Computer monitor ghosting is a temporary issue wherein a moving image leaves behind a trail of pixels that look like a motion blur or a ghost-looking image. Fortunately, it is possible to solve this refresh rate problem since monitor ghosting does not cause permanent damage to your monitor. However, it can ruin your entire watching or gaming experience, so it’s better you’re aware of how to fix this dilemma should it happen to your monitor.

Causes of Monitor Ghosting

The main reason why ghosting occurs is due to the monitor’s inability to move at the same pace as the images you’re trying to display. This happens because of the following:

  • Computers with low refresh rates and monitors with high response times
  • Physical issues of the monitor, such as faulty monitor cables
  • Backlight bleed (if the monitor used is an LCD monitor)
  • Monitor settings that are not optimized properly
  • Static or burned-in image (common in LCD monitors), but fixed quickly by giving the monitor some rest
  • Third-party devices that interfere with PC-to-monitor connection

As long as pixels cannot update as quickly as the image, there will be this ghosting issue. Fortunately, there are several ways you can remove or solve this problem.

How to Fix Monitor Ghosting

Is the issue really a ghosting issue or something else? How can you be sure? The most common way to determine ghosting is to use a tool like UFO Test - you’ll just open the page and a signal will tell you if your monitor can process the UFOs without ghosting or not. If the test shows your monitor is suffering from ghosting, you can try any one of these solutions:

  1. Tighten monitor cable: Ghosting could occur if your monitor’s cable is loose. You don’t need to be technologically advanced to do this fix. You just have to ensure that the cable of your monitor is plugged in firmly. Unplug and replug the cable, then re-test for ghosting. Sometimes, tiny damages to the cable (a mouse bite, wear and tear, etc.) could cause a huge issue with your monitor. Obviously, the fix here isn’t as instant because you’d need to replace the cable with a new one. If your cable isn’t loose or damaged, but ghosting continues, try the other solutions.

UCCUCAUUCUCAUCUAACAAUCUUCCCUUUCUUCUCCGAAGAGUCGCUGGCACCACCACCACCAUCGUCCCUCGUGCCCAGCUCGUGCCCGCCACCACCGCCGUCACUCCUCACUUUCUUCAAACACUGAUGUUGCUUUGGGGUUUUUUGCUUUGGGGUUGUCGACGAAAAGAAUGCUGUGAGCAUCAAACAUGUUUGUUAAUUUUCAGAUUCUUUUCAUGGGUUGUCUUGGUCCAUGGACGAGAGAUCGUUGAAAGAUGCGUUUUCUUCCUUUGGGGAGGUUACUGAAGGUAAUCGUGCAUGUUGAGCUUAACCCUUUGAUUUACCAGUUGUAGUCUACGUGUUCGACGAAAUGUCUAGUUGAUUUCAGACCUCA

2. Check third-party devices: Components like your speakers, mouse, keyboard, and other devices connected to your computer might be the reason why your monitor is malfunctioning. Unfortunately, there is no way to find out which one is causing the problem, so you have to disconnect one device at a time and test your monitor for persistent ghosting.
    Don’t just check wired devices. If you have wireless devices connected, unplug, test ghosting, and then replug the device. If you actually pinpoint the device that causes the monitor’s malfunction, avoid using it with your monitor.
  3. Tinker with display settings: Since ghosting occurs with issues about refresh rates and response times, you can adjust the settings of your monitor to get obtain a lower response time and a higher refresh rate.
    So how do you d this? It depends really on the brand of your monitor, but most manufacturers let you tinker with settings via the on-screen display menu.
    1. Change response time - Lower the response time by finding the right setting. If you’re lucky, it’s tagged as “Response Time” (just like for DELL, Samsung, and LG monitors), but other brands use the term TraceFree (Asus), Advanced Motion Acceleration (BenQ), and OverDrive (HP).
    2. Change refresh rate - Adjust the monitor’s refresh set by setting it to a hi gher value. This can be fixed on Windows settings> Advanced Display and find 60Hz on the drop-down menu.
    3. Hunt for other display settings - If you set the refresh rate and response time at optimal levels and the display still shows ghosting, check other settings like dynamic contrast, noise reduction, and motion smoothing, among others.
  4. Enable overdrive manually: If you can’t find the display settings and adjust response time, there’s a good chance you’d have to enable this function manually before you could play around with settings.
  5. Update graphics card driver: Sometimes, the ghosting appears because of an outdated graphics card driver. Unlike software that remind you when it needs upgraded, not many people update hardware because we don’t really get notifications when to update hardware. There will be a slight difference in method when it comes to updating the driver of your video card, but it would depend largely on the brand of your hardware.

The last thing that causes monitor ghosting is an outdated monitor. When did you buy the monitor you’re currently using? Is it a VA panel? If so, look for either a TN panel or IPS display with a refresh rate of 75Hz to 144Hz and response time of 1ms to 5ms. Ghosting is much more common in an old monitor because the device cannot accommodate the demands of a newer game or other media.

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